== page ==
- chuckx -

Let it lie (5.00 / 1) (#85)
by iat on Sat Dec 1st, 2001 at 03:28:44 PM PST
Do you not have anything more productive to do than piss and moan about my review of Mandrake 8.1, which was posted over 2 months ago? It's really not good to hold onto feelings of anger and bitterness for such a long period of time, particularly over something as trivial as a software review. I forgot about that article a long time ago (even if I am frequently reminded about it by emails from angry Linux users) and I suggets that you do the same.

Perhaps if the Linux community spent as much time developing software as they do complaining about "Micro$oft" and harassing those who dare to tell the truth about Linux's shortcomings, then maybe Linux wouldn't be quite such a poor alternative to Windows or MacOS.


Adequacy.org - love it or leave it.

Further distortion. (none / 0) (#86)
by chuckx on Sat Dec 1st, 2001 at 05:28:28 PM PST
Do you not have anything more productive to do than piss and moan about my review of Mandrake 8.1, which was posted over 2 months ago?
I didn't bring the subject up. A request was made to provide proof for an accusation that some Adequacy articles are not really all that high caliber. It just so happens that your Mandrake 'review' was the best example of shoddy penmanship I could remember offhand.

Perhaps if the Linux community spent as much time developing software as they do complaining about "Micro$oft"...
The Linux community does not consist exclusively of developers. As you all are so eager to point out, there's lots of Linux users who just use (as opposed to developing) it becuase "they want to feel l33t" (or maybe just think it better fits their wants and needs).


- chuckx -

Distortion my arse (none / 0) (#92)
by iat on Sun Dec 2nd, 2001 at 03:45:39 AM PST
I didn't bring the subject up. A request was made to provide proof for an accusation that some Adequacy articles are not really all that high caliber. It just so happens that your Mandrake 'review' was the best example of shoddy penmanship I could remember offhand.

I'm not interested in who raised the subject. My point was, you still seem to be bitter about the review, even over 2 months after it was published. Do you really enjoy being angry about something so trivial for such a long period of time? If so, I really hate to imagine what you'd be like if you ever encountered some real misfortune.

The Linux community does not consist exclusively of developers. As you all are so eager to point out, there's lots of Linux users who just use (as opposed to developing) it becuase "they want to feel l33t"

I think that's half the problem. The Linux users who were most irate about my article were largely newbies who had been using Linux less than a couple of years. Experienced Linux users, the people who actually have the skills to write software and have contributed to Linux or the Free Software movement in a meaningful way, just laughed at the article and went about their lives. Unfortunately, a large number of vociferous "Lunix weenies" give your whole community a bad reputation.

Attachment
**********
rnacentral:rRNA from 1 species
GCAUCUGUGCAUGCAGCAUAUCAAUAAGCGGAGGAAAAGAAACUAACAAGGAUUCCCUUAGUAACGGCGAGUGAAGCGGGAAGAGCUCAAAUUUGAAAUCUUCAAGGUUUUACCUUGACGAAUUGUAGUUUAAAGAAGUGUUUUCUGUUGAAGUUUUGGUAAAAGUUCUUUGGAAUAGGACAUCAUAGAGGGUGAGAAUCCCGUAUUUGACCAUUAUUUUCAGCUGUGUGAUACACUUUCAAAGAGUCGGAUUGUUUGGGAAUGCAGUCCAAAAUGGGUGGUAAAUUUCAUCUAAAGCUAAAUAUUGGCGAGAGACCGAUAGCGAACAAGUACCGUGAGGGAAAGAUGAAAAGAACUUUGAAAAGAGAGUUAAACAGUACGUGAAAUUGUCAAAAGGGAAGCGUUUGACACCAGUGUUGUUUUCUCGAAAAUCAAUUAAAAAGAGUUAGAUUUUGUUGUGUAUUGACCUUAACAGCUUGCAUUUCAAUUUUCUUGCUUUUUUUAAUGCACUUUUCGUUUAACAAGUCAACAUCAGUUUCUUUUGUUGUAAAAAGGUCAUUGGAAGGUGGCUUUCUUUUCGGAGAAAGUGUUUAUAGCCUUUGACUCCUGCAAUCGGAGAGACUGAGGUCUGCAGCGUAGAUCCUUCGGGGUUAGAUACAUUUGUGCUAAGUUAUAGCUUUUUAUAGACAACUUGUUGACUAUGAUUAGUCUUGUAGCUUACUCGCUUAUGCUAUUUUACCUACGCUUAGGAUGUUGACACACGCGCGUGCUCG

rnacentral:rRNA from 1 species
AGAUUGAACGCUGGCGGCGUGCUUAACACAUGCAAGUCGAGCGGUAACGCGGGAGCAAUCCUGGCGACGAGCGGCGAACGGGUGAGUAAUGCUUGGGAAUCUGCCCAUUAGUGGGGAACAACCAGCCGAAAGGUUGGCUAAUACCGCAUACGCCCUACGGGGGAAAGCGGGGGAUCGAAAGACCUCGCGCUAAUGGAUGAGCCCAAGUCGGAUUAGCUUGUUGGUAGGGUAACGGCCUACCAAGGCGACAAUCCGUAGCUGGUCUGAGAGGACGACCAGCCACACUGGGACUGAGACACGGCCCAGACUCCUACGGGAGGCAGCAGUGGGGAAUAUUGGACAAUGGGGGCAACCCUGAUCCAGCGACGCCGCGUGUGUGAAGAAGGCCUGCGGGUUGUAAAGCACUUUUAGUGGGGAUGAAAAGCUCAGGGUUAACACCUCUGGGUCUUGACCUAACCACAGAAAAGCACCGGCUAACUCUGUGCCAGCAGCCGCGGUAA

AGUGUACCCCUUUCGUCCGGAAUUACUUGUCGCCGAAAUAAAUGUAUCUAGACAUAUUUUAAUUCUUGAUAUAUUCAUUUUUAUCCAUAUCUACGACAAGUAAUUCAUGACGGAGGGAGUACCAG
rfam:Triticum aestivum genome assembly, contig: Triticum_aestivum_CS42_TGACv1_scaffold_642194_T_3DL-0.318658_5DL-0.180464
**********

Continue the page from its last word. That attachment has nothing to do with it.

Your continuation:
Adequacy.org - love it or leave it.

Anyway (none / 0) (#93)
by chuckx on Sun Dec 2nd, 2001 at 08:15:25 AM PST
My point was, you still seem to be bitter about the review, even over 2 months after it was published. Do you really enjoy being angry about something so trivial for such a long period of time?
The point I was trying to make was that since I didn't bring the subject up, it wasn't something that was really on my mind. I'm not bitter about your article. Really, I'm not. It's just that when the question was asked, your article was the first thing that came to mind. It's that simlple.

Experienced Linux users, the people who actually have the skills to write software and have contributed to Linux or the Free Software movement in a meaningful way, just laughed at the article and went about their lives.
It seems as if you're acknowledging that your article is sufficient catalyst to make an experienced Linux user laugh. I would definitely have to agree with that. I already posted my comments in reponse to your article, and nobody suffuciently argued against the main points I brought up. My post was also one of the earlier ones (#30), so it sat there while much of the other discussion was going on untouched. So, from my vantage point, it looks like the points I made still stand. Beyond that, I don't care about your article. Like you, I had since forgotten about it. Within a couple minutes of posting this comment, I'm going to forget about it once again.


- chuckx -

 
It matters a great deal... (none / 0) (#89)
by Anonymous Reader on Sat Dec 1st, 2001 at 10:17:31 PM PST
If Adequacy was truly concerned about accuracy, that "review" would have been either removed or significantly corrected to reflect the truth as opposed to the author's ignorant and biased rant about a topic that he obviously knows little to nothing about. Why are we concerned about it? Simple: just because the review is "two months old" doesn't prevent it from still doing damage by spreading lies and misinformation about Linux to users who don't know any better.